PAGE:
This Podcast May Save Your Life, with Ralph Cutter


[Interview starts at 36:53]

Ralph Cutter is an extremely perceptive, pragmatic angler with a lifetime of experience in whitewater–while fishing, in watercraft, and taking part in water rescues. He believes that what we’ve been taught to do if we fall in while wearing waders is all wrong, and he has a number of tips for getting to shore safely that most of us don’t know about. He also recommends a second wader belt for wading in very tricky waters. He’s tested his theories through countless experiments on the water. If you spend any time at all wading in rivers, you must listen to this podcast—or you can read an article in Fly Fisherman magazine he wrote a number of years ago.

In the Fly Box, we have questions that range from very basic to more advanced, and tips from listeners as well, including:

  • Why do my CDC dry flies sink like a rock?
  • I am not feeling strikes when I am nymph fishing. Are there improvements I can make to feel more fish?
  • Would a longer rod help in nymph fishing?
  • Why aren’t knotless leaders marked with a small segment of color so that the butt, tippet, and transition sections are clearly demarcated?
  • A listener clarifies the issue of whether northern strain brook trout were ever stocked in the southern Appalachians.
  • If I want to fish pools that are 8-10 feet deep with a Euro rig, do I need an 8-10-foot tippet?
  • What do I do if I am fishing a dropper rig and my upper dropper tippet breaks off or gets too short?  Do I need to tie another surgeon’s knot?
  • If I am fishing straight upstream, do I need to mend my line?
  • If my hook bends after removing it from a snag and I bend it back into place, will that weaken the hook?
  • I have trouble tying a dropper onto the bend of a hook. I lose tension and pressure before cinching the knot down. Do you have any tips to help this?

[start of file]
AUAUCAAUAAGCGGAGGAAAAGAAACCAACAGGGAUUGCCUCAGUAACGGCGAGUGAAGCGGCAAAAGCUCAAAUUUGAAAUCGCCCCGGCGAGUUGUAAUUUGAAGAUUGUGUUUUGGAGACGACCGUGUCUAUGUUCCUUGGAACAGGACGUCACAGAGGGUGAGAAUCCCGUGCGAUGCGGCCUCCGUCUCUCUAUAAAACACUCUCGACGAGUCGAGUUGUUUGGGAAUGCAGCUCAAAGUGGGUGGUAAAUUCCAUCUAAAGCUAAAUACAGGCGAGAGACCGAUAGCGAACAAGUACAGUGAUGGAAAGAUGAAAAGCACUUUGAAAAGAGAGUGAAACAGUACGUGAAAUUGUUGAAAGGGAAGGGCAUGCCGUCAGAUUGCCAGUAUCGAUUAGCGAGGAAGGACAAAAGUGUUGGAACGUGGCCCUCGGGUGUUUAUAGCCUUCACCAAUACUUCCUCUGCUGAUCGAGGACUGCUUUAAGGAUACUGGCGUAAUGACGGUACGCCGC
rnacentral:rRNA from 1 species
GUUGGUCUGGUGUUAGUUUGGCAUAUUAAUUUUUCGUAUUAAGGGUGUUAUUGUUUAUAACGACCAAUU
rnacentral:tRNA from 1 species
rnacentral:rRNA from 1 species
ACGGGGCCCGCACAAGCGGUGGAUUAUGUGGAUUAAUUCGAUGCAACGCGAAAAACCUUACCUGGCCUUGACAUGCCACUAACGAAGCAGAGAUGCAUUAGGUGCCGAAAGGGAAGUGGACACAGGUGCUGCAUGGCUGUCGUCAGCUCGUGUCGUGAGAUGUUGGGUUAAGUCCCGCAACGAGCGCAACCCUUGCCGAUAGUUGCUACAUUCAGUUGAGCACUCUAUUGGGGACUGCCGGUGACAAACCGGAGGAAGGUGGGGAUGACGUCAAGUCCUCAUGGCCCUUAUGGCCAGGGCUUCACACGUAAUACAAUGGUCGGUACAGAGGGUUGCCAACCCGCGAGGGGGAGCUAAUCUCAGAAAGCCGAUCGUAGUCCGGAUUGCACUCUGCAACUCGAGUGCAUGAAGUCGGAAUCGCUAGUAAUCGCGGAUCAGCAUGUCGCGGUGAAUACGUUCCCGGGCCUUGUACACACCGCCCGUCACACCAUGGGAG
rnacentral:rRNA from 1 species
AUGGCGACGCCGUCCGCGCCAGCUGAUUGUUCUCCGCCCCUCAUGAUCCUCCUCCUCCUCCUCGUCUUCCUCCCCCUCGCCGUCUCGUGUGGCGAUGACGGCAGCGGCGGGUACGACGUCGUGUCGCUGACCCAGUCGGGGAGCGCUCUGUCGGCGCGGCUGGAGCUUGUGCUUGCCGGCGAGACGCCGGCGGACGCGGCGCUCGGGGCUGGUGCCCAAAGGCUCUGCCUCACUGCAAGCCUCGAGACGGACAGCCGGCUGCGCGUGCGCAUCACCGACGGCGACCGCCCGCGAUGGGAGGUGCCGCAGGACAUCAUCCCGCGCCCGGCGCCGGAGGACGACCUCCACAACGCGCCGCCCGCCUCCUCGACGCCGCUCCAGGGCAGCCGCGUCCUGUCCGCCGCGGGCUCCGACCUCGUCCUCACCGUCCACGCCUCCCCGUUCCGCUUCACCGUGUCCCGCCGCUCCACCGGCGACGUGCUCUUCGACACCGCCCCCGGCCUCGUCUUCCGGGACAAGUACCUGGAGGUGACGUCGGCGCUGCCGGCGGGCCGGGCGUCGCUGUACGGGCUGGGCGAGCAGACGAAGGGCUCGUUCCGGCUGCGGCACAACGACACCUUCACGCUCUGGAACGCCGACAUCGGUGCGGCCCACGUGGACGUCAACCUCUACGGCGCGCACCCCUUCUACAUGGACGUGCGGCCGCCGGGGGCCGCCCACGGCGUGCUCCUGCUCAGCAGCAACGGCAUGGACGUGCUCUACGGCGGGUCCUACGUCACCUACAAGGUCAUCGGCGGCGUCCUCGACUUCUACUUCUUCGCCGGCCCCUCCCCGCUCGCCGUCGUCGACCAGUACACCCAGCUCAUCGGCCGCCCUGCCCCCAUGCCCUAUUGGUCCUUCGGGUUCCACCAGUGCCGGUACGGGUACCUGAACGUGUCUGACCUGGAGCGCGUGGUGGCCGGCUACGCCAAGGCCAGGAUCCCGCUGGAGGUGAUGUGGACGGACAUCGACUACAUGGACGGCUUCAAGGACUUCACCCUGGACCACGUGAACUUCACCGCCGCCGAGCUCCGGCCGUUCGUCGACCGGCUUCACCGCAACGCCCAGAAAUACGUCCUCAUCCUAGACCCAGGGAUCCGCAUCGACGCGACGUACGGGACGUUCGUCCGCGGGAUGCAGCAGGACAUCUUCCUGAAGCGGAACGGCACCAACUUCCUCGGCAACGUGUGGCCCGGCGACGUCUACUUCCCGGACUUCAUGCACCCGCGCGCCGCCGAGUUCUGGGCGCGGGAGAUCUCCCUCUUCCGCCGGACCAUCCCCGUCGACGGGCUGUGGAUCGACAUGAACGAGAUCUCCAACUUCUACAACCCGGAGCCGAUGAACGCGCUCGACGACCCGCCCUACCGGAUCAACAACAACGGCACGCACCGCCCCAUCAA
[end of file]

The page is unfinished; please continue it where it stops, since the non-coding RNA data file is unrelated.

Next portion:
• The water temperature was in the 40s and there was a mayfly hatch, but I only caught fish on nymphs and nothing was rising. Why did this happen?
  • Does choosing a fly rod really depend mostly on the size flies you’re throwing? When I fish a small bass fly, I don’t want to try to land a bass on my 3-weight.

3 thoughts on “This Podcast May Save Your Life, with Ralph Cutter”

  1. Hi Tom,

    I appreciate this episode especially, with all the different advice, tips/tricks, and myths around it’s difficult to know what to believe or not.

    One thing I’m still unclear on is the type and style of the quick release belt made for wading. I’ve searched pretty extensively and can’t seem to find anything that looks reliable. I’ve also tried to find Ralph’s contact information to ask him directly but can’t seem to find that either. Do you happen to know of any examples or have an idea of what he recommends? Much appreciated either way and thank you for the podcast!

    1. Caddis Wading Systems Caddis 1.5-Inch Black Nylon Wader Belt
      I searched for a ratchet belt style ( think airplane seatbelts that you can disengage with one hand) – I found the above from Caddis – I have not used it so can’t speak about it other this is what I found

  2. I can appreciate what is said about what to do in these situations. Having been a professional Firefighter as well as a Swift water rescue technician for 33 years, my philosophy is, there is no fish worth my life! You must be aware of your surroundings. Everyone should use a wading staff, and never wade out too deep. If you are having to fight the water just to fish, then get out.

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